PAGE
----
Updated 5:09 p.m., 2/20/13
At a symposium last week hosted by Catholic University of America Columbus School of Law, a former governor announced the formation of a new clinic there devoted to the study of pardons—the first of its type.
Former Maryland Governor Robert Ehrlich Jr., the keynote speaker, highlighted clemency as one of the governor's most important powers, and said he took a real interest in the state's clemency process. Ehrlich, now a senior counsel at the Washington office of King & Spalding, said he granted clemency to more than 200 convicts during his four years in office.
After a series of stories published by the Washington Post and ProPublica shed light on a dysfunctional presidential pardon system, unfairly favoring white applicants, Ehrlich said he planned to open the nation's first law school clinic and training program devoted to pardons. Five law schools competed, and Ehrlich used his February 15 address to announce to a cheering crowd that Columbus School of Law had been chosen.
"This initiative would have constitutive elements of public advocacy, executive training for governors, and provide a clinical experience for law students," Ehrlich said. "This initiative promises to be exciting."
The United States' high incarceration rate – including more than two million people are behind bars – comes at a cost of roughly $60 billion annually. According to Ehrlich, the "tough on crime" doctrine, including mandatory sentences and morphing juvenile crimes into adult crimes, is the reason why America's incarceration rate has been increasing since the 1980s.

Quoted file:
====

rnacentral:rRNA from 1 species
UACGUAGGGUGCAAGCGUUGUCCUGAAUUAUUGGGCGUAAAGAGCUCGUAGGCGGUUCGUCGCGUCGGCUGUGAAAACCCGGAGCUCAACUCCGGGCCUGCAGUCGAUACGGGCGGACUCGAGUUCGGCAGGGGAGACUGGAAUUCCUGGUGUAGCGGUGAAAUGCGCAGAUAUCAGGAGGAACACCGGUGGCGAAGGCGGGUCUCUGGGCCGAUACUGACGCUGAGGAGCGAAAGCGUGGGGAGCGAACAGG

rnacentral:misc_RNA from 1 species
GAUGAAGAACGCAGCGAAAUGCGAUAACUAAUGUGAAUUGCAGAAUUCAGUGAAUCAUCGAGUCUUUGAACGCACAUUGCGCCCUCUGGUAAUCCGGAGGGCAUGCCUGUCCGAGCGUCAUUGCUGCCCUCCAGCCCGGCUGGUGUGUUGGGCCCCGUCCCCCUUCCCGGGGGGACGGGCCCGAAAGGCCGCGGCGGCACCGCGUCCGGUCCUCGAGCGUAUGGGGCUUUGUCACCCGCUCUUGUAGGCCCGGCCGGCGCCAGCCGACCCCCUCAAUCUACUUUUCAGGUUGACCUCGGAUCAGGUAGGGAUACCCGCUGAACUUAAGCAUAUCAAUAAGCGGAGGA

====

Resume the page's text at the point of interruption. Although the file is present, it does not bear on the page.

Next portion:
Ehrlich said he had "normalized" the process in Maryland, in part through acceptingclemency referrals only from the parole office in the case, conducting thorough investigations, and notifying the victims of the crime. “It's really about doing justice and really practicing law; it [was] the most rewarding part of the job,” Ehrlich added.
Other panelists at the symposium discussed related issues.
District of Columbia Superior Court Judge Patricia Broderick, who handles juvenile delinquency cases, said that a third of the children she sees come from neglect. "Education is such a key," she said. "We need to find a way to make education more valued and address truancy."
Roger Fairfax, a professor at the George Washington University Law School, said some Republican governors, from states like Georgia, Texas, and Pennsylvania, are adopting a "smart on crime" philosophy, including efforts to enhance public safety and reduce recidivism, in part by decriminalizing some minor offenses and enhancing programs to aid former convicts reenter society.
"In the first hundred years of this country, executive clemency played a very very operational role in the criminal justice system," said former U.S. Pardon Attorney Margaret Colgate Love. "Clemency actually is not supposed to play an operational role. Clemency is supposed to signal placeswhere the legal system needs to be fixed; it is not supposed to substitute for a perfect legal system."